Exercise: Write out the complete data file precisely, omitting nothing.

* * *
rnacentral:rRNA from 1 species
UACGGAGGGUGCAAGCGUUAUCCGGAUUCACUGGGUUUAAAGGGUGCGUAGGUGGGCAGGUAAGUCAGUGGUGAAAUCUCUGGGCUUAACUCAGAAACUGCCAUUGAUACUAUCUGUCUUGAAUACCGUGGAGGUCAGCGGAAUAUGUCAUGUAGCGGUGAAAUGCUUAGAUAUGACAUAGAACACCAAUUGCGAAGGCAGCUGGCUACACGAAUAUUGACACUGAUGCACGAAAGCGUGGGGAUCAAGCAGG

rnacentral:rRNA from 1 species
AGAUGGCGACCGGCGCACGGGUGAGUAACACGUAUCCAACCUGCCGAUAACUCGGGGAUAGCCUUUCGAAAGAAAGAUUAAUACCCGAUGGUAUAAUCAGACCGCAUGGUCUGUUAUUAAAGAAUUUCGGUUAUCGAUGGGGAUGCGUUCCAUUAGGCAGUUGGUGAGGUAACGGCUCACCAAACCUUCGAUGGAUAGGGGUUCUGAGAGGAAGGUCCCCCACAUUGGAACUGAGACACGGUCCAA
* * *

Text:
rnacentral:rRNA from 1 species
UACGGAGGGUGCAAGCGUUAUCCGGAUUCACUGGGUUUAAAGGGUGCGUAGGUGGGCAGGUAAGUCAGUGGUGAAAUCUCUGGGCUUAACUCAGAAACUGCCAUUGAUACUAUCUGUCUUGAAUACCGUGGAGGUCAGCGGAAUAUGUCAUGUAGCGGUGAAAUGCUUAGAUAUGACAUAGAACACCAAUUGCGAAGGCAGCUGGCUACACGAAUAUUGACACUGAUGCACGAAAGCGUGGGGAUCAAGCAGG

rnacentral:rRNA from 1 species
AGAUGGCGACCGGCGCACGGGUGAGUAACACGUAUCCAACCUGCCGAUAACUCGGGGAUAGCCUUUCGAAAGAAAGAUUAAUACCCGAUGGUAUAAUCAGACCGCAUGGUCUGUUAUUAAAGAAUUUCGGUUAUCGAUGGGGAUGCGUUCCAUUAGGCAGUUGGUGAGGUAACGGCUCACCAAACCUUCGAUGGAUAGGGGUUCUGAGAGGAAGGUCCCCCACAUUGGAACUGAGACACGGUCCAA